The New York Metro American Studies Association (NYMASA) and the Columbia Journal of American Studies (CJAS) announce a call for papers for our 2008 annual one-day conference:
Circulations: Economies, Currencies, Movements in American Studies
Saturday, November 8, 2008
Circulations: blood, ideas, books, money, people, contagions, politics, trade. All of these economies, both literal and figurative, operate within and across the porous boundaries of the United States. From the virtual circulation of futures markets and viral video to the embodied circulation of migrants and goods, the economies of the United States ride any number of waves of circulation, some voluntarily, some much less so.
The goal of this conference is to investigate, interrogate, interrupt, and intervene in the various circulatory systems that run through both the United States of America and American Studies. How do ideas, people, and goods circulate? How do different kinds of economies and currencies – monetary and otherwise – shape us and the field of American Studies? To what extent are metaphors of circulation useful in imagining intellectual networks, such as those produced by the Internet, trans-disciplinary (and transnational) collaborations, or academic activism? How, too, are limits on movement like incarceration and immigration restriction connected to enforced movements like extraordinary rendition and deportation? How do we theorize the metastasizing meanings of circulation? How do we study moving targets? What challenges does the study of circulations pose to traditional forms of knowing and scholarship, and what opportunities does it make available? How might we reconfigure Marxist, post-structuralist, or other theoretical approaches in American Studies to account for these new global, economic, and political circuits? How do we construct archives for studying such mobile phenomena?
In imagining this conference, we invite participants to engage with any of the following issues (or any other this topic inspires):
Circulating people: migration, displacement, diaspora
Political movements, political economies
Distressed economies: panics, depressions, recessions
Psychic economies: panics, depressions, repressions
Aesthetic economies and art markets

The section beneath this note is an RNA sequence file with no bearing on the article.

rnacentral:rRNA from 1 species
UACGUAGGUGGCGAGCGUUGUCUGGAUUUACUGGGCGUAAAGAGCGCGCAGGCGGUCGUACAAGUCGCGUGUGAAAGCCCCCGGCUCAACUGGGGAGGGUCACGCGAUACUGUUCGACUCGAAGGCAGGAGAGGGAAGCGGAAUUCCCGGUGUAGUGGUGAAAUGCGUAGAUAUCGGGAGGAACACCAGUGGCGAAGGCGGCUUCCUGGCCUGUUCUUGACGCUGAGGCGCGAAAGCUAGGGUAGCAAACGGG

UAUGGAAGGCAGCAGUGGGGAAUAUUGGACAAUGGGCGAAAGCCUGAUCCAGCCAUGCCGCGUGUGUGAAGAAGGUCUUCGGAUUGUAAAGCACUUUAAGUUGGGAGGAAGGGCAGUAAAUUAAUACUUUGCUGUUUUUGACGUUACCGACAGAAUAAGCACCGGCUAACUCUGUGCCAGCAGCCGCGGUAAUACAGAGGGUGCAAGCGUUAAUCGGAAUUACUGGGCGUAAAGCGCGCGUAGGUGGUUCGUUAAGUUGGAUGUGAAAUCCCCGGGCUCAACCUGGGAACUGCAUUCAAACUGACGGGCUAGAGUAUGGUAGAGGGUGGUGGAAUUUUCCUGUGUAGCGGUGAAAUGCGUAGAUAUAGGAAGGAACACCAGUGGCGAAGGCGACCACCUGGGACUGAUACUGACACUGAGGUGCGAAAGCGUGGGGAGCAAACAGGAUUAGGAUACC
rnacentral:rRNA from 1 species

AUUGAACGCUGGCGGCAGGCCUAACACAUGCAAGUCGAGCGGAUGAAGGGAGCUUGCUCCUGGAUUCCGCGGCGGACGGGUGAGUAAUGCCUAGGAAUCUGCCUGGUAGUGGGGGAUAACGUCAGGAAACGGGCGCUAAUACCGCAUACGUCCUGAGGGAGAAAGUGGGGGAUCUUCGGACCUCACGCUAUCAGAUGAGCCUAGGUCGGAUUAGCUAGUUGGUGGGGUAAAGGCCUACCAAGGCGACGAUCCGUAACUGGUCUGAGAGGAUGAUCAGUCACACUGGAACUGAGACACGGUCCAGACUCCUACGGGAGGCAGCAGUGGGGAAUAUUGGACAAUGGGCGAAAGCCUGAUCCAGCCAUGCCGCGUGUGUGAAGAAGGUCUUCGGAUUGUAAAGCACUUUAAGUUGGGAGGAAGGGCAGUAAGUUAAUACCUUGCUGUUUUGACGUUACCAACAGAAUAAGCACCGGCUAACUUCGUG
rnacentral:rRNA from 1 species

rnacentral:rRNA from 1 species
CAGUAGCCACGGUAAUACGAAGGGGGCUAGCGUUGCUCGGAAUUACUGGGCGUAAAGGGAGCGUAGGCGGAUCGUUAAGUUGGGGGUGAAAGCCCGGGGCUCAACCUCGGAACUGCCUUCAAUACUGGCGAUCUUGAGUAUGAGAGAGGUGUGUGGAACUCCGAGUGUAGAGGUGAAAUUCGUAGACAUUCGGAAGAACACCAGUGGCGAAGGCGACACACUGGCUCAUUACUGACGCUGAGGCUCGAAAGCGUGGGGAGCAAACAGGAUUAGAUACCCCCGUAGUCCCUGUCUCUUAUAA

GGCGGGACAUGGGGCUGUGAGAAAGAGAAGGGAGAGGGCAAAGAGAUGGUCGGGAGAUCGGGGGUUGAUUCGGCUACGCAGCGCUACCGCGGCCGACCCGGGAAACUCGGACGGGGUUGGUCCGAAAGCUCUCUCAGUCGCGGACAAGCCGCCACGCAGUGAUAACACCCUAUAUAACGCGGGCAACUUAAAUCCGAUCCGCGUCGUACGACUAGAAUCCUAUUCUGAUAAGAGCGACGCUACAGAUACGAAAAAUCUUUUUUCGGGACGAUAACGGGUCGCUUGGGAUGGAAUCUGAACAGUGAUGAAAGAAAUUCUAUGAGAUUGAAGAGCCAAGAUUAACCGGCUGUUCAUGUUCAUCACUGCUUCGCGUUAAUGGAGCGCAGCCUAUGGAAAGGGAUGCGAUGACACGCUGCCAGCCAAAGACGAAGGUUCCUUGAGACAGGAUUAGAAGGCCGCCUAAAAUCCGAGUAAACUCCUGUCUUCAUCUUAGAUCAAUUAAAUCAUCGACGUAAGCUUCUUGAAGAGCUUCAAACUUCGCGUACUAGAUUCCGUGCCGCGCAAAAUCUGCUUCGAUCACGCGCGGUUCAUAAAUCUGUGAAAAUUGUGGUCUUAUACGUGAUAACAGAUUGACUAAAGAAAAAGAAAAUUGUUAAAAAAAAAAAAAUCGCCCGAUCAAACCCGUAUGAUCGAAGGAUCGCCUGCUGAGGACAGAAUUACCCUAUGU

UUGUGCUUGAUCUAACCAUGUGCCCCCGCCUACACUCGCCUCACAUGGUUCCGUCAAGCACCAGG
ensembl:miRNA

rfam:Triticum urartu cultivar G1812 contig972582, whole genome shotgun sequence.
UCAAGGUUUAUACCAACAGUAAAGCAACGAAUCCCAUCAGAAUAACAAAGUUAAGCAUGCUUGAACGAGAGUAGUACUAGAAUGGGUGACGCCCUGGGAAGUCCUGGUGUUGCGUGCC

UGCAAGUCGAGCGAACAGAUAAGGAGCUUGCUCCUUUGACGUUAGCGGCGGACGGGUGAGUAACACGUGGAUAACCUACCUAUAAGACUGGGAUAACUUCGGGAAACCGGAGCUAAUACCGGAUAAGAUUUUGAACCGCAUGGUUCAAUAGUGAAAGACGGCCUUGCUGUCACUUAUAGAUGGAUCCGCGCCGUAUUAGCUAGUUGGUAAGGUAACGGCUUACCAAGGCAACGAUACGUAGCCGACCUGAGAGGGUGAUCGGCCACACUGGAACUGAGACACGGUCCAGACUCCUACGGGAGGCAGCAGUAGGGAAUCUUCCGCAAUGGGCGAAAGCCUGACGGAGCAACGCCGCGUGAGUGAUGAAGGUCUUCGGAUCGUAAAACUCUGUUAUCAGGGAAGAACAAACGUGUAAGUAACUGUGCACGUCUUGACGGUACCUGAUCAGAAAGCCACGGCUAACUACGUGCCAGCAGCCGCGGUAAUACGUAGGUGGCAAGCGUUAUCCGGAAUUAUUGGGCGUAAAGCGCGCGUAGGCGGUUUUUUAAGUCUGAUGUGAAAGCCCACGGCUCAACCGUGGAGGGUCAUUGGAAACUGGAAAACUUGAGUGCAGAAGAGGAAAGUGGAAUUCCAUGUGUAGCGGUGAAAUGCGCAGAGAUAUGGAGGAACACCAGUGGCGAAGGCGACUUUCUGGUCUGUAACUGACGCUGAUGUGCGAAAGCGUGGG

Transnational economies: remittances, tourism, global circuits
Knowledge economies: intellectual exchange, theoretical "waves"
Informal economies: mix-tapes, novelties, networks, survival crimes
Virtual circulations: viral video, memes, folksonomies, wiki wisdom
Bodily circuits, physical circulations
Circulating currents: electricity, excitement, change, technological movements
Print circulation: underground, academic, institutional
Circulating libraries, old and new
Circulars: periodicals, publications, pamphlets
Libidinal circuits: kinship networks, love triangles, prostitution rings, circuit parties, sex tourism
Congested circuits: traffic, density, crashes
Speculating in futures/speculating on the future
Fashions and fads: going into/coming out of circulation
Bad currency: loans, debts, IOUs
Recycling: biological and ecological recirculations (air, blood, power, water, waste)
Enforced movement and/or enforced stillness
Cornering the market
Corrupted circulation: fakes, frauds, plagiarists
Moving vehicles, moving violations
Legal tender: slavery, trafficking, exploitation
Contagion and epidemics, transmissions of affect
We will accept abstracts for individual paper presentations only, not preconstituted panels. We welcome papers on any historical period in American Studies, as well as 21st century topics. We particularly encourage presentations that circulate across historical and disciplinary borders.
Please send abstracts of 200-300 words to email@example.com by June 1. Please write “NYMASA Conference” in the subject line.
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